Northern Districts chief not banking on windfall
A trip to the Champions League and a massive pay-day looms as the ultimate way for the financial strain to be lifted from Northern Districts Cricket.
But chief executive Peter Roach isn't getting too excited about the big bucks yet.
The Knights have qualified second for the domestic Twenty20 finals weekend in Hamilton, where they will face the Canterbury Wizards in Friday night's preliminary final at Seddon Park, before the Otago Volts play the winner at the same venue on Saturday night.
ND have traditionally struggled to make the playoffs in the short version game, but now, having got there, they have the added bonus of home advantage as New Zealand Cricket test the finals weekend concept.
With ND under pressure to balance the books - which has included not entering an under-17 team at the national tournament - winning the domestic Twenty20 competition and giving themselves a shot at the US$2.5 million (NZ$3m) winner's prizemoney at the Champions League is a tantalising prospect.
While Roach said it was definitely an "attractive proposition" and a "revenue earning opportunity", he conceded they were still a long way from getting there.
"Obviously we need to win two games and then there's a significant qualifying tournament that the New Zealand team has to historically fight through," he said.
"So we're a long way from thinking about the big money."
There's no prizemoney for any of New Zealand's domestic competitions, but at the Champions League, played in September-October in India or South Africa, even just making the main draw is worth US$200,000.
Under New Zealand Cricket's shared financial model there is a slice of the pie for all six associations, but the team that goes receives double what the others do.
Roach feels ND have been very diligent in managing their budget through the competition, as he believed other teams would have spent five to 10 times more on overseas players.
ND's option of signing fringe Big Bash League players from Australia has paid dividends, with Roach's former connections in Australia proving useful.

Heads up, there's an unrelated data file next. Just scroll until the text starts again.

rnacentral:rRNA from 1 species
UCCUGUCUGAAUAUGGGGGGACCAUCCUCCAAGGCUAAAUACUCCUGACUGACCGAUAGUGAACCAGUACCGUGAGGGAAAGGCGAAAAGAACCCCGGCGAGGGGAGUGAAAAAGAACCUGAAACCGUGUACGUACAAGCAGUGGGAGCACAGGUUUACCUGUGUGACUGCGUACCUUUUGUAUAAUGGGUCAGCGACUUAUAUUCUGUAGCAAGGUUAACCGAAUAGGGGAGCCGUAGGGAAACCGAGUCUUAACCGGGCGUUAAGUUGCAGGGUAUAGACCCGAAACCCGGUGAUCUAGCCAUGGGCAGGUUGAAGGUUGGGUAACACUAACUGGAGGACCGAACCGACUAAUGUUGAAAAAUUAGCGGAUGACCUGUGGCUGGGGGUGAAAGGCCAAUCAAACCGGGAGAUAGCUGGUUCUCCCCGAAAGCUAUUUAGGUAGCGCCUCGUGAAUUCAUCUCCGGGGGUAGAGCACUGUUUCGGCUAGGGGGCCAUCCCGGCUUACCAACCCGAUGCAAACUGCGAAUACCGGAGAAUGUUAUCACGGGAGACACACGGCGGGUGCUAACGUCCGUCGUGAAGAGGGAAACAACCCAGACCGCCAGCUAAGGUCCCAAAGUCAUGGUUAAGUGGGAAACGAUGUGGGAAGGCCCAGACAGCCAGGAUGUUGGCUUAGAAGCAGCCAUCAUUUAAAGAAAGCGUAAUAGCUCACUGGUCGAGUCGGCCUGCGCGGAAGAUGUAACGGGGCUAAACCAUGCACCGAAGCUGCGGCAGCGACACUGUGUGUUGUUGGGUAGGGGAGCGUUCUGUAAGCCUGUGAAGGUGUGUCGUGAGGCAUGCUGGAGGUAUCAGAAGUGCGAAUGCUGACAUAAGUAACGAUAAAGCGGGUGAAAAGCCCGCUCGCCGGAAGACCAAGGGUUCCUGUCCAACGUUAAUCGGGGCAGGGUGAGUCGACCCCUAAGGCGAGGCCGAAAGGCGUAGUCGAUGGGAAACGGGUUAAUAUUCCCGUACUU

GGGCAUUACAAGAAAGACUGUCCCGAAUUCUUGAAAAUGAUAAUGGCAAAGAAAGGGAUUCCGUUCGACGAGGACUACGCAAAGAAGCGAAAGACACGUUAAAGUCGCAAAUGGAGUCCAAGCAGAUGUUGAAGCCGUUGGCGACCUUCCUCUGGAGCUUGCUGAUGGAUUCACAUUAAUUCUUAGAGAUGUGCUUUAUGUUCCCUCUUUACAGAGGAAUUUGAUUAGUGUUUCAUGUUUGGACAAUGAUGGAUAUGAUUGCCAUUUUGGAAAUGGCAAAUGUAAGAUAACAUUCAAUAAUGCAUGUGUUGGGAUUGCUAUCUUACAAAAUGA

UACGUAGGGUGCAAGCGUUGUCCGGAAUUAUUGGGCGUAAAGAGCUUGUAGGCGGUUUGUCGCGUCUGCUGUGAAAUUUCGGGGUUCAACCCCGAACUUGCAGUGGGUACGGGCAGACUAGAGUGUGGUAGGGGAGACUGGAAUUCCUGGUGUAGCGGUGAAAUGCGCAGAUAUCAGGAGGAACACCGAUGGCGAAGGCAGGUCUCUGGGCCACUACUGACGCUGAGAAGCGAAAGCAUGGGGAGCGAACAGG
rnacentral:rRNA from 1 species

"I've had a bit of a leg-up there in knowing how they [the franchises] operate and the key people involved," he said.
"We've had to take a different approach this year.
"We've done pretty good research on each of the ones we've had coming over, so we've been confident that they will stick to the team plans, play a really good part on and off the field for our team and obviously bring certain skills that we were a little bit deficient in at the time.
"There's no great science to it. We've certainly had some names that we haven't been able to get as well."
The Knights probably won't name their team until tomorrow as they try to nail down another import or two, as well as wait for confirmation from NZC as to whether their Black Caps will be available to play, given the ODI series against India starts in Napier on Friday.
Roach said it was becoming harder to get players released from the BBL with it now in full swing, however that is coach James Pamment's preference rather than go after any of the West Indies players, who complete their tour of New Zealand with the second Twenty20 in Wellington tonight.
Meanwhile, if Seddon Park puts on a good show, it will get a "big tick" as a future host if the finals weekend concept continues, according to New Zealand Cricket's general manager of domestic cricket, David Cooper.
Last year the six major associations made the decision to move the majority of games to night fixtures to make the most of television viewer number opportunities, so having finals games played in those Friday/Saturday night time slots was a natural continuation of that.
"Obviously it meant that some associations didn't have a venue that could be available," Cooper said.
"And of the four major associations that had venues that could hold night games, realistically the only one that was practical in this window when we did the scheduling was Seddon Park."
The boutique ground was also a factor, with NZC not so keen to see the likes of big stadiums Eden Park and Westpac Stadium host a potentially neutral final.
The six associations will review the finals weekend concept at the end of the season.
"Obviously if Hamilton turn out in force on Friday night and support the Knights and the preliminary final, and regardless of the outcome of that game, turn up on Saturday to watch the final, it would put a big tick against Seddon Park as an ideal venue and underline it as a preferred venue for finals of domestic cricket, but there's other factors that'll weigh into that of course," Cooper said.
Profits from the weekend will go into NZC's professional pool, which is used to pay the costs of running the domestic competitions.